He’s more open about Epson’s plans in the textile sector. “This is one of our top priorities. There’s so much still to convert from analogue, plus sampling is becoming a real business in Western countries.

“In terms of print production textiles has mimicked what happened elsewhere, with digital benefits like speed, environment… all well known. Now, in Europe, it’s a question of digital textile print becoming more mainstream. In terms of production devices, like the Monna Lisa, it’s about selling them into textile companies. With sublimation printers it’s the same, but we’re also targeting new start-ups in fashion, sport apparel and home furnishings.

“We haven’t looked at the soft signage market… PSPs often want a printer that can handle multiple applications so we have to take that into consideration in terms of product development, and inksets etc.”

Speaking of ink, I asked Ferguson about Epson’s pricing policy given that it reduced the cost of some of its inks when it launched the S Series printers at the end of 2015/early 2016 - “to make the system more competitive” - and dropped prices of its dye-sub inks this spring - “because we’re targeting production users to we have to listen to them if we want them to switch from analogue to digital.”

Epson develops a massive range of inks, including those for minilabs. Ferguson says: “Price, gamut, environment, special properties - balancing that is always an issue. Inks were always the profit generator in the Epson business model, but that model is changing so that profitability is more balanced across hardware too. That business model change is most obvious in the consumer office products sector, but it’s happening in the professional sector too, just slower.”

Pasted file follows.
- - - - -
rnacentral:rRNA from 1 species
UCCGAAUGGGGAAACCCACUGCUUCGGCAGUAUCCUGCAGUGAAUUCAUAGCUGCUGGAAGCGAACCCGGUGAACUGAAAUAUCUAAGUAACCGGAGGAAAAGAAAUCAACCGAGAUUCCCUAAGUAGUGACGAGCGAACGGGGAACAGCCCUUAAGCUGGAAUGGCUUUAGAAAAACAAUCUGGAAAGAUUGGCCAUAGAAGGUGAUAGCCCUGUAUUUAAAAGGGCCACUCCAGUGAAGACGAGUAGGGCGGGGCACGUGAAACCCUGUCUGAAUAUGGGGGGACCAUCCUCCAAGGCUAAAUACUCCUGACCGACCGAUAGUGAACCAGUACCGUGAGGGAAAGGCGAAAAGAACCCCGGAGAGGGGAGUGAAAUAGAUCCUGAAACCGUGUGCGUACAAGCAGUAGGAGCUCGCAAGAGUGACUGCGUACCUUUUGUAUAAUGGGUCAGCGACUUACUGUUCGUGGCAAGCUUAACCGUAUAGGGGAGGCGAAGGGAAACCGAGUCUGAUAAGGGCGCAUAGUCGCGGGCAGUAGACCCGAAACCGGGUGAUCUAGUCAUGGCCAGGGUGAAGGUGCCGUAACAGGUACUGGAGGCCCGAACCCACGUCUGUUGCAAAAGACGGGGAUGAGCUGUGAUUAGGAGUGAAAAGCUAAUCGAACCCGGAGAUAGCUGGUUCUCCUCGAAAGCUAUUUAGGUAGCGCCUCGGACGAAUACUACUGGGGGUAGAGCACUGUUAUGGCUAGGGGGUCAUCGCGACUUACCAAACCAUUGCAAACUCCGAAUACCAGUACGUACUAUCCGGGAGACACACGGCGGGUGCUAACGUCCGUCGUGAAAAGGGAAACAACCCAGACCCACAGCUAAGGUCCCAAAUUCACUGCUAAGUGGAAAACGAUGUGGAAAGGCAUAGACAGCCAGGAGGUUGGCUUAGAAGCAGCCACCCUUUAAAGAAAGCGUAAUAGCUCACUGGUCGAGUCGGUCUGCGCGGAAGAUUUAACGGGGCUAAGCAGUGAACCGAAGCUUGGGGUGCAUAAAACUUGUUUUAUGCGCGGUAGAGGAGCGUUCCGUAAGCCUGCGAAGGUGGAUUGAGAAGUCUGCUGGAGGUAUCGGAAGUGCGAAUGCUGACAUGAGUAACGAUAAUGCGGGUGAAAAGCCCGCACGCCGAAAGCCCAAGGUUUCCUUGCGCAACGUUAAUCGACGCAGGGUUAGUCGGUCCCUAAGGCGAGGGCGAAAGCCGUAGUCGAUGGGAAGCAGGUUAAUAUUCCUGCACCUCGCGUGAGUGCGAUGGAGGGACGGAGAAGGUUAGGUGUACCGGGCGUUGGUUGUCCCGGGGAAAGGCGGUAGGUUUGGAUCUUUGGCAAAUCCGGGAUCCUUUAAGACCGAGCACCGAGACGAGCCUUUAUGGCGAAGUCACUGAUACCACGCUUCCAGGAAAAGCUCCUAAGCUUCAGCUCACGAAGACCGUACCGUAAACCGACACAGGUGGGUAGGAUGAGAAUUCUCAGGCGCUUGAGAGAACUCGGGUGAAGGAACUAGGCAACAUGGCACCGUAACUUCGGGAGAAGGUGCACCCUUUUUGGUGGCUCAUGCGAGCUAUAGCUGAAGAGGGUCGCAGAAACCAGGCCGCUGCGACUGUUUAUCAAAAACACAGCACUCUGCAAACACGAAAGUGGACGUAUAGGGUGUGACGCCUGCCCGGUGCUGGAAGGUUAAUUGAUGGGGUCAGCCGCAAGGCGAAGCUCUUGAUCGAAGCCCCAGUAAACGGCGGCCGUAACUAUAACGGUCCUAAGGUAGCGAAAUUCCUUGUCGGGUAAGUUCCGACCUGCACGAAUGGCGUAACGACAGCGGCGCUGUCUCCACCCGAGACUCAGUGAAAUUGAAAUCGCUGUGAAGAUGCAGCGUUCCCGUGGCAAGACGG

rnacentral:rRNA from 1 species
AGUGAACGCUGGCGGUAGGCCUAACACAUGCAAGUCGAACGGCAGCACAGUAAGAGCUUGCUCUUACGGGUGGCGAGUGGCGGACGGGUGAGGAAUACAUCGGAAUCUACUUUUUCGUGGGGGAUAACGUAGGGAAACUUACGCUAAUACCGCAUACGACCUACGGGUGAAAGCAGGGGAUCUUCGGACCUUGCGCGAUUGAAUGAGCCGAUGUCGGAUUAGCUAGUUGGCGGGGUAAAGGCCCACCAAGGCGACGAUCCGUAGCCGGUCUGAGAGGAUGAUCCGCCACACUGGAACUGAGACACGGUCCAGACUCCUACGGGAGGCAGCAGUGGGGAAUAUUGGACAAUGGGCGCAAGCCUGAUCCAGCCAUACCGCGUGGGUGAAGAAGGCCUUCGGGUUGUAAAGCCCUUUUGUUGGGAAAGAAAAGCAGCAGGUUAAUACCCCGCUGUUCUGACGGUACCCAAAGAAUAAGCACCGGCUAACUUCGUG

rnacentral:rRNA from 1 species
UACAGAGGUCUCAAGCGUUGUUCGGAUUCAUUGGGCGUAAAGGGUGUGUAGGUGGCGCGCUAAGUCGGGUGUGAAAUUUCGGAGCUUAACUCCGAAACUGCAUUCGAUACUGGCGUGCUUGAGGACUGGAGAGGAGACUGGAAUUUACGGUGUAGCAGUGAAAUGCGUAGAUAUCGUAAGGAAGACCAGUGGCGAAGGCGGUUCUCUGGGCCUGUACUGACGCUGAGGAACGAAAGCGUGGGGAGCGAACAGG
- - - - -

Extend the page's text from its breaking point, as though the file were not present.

Another shift as it were in Epson’s strategy is its focus on inkjet printer speed, or rather, productivity. “We have been known for our image quality for years, but speed is a key R&D focus. And by speed I mean designing machines around the whole ease of production issue - so media handling, profile management etc.”

Key to the speed issue has been Epson’s development of its PrecisionCore printhead technology. The heads are built only into Epson printers - and in the latest Robustelli printer shown at Itma in 2015 and just launching - at the time of this interview the latest product name was the Monna Lisa Eve-Tre but that hadn’t been finalised.

“The strategy is to keep the PrecisionCore technology for our own use and we are going to increase the volume we produce,” says Ferguson. But other vendors incorporate Epson’s previous head technology - for instance Epson has a deal with Screen. “Maybe longer-term PrecisionCore will be part of that partnership too,” he concedes.

And where do environmental issues fit into inkjet R&D strategy given that in 2008 Epson established its Environmental Vision 2050 as a guide for action, and has since been working to realise the vision.

“The ethos is that we’ll design products that enable society to feel better about itself and that’s written into our principles. The thing is, there’s so much we can do, but deciding what to develop that is marketable is the issue,” says Ferguson. “We have to pretty much develop products on a worldwide basis so we look at the tightest existing and likely upcoming regulations and design with those in mind - so the S Series uses less ink etc. But we have to remember that what we make needs to be bought.

“Epson technologies are developed with the term Sho Sho Sei (compact, precision and energy saving) in mind. Customers want something that delivers but that still allows them to be competitive. That’s our aim.”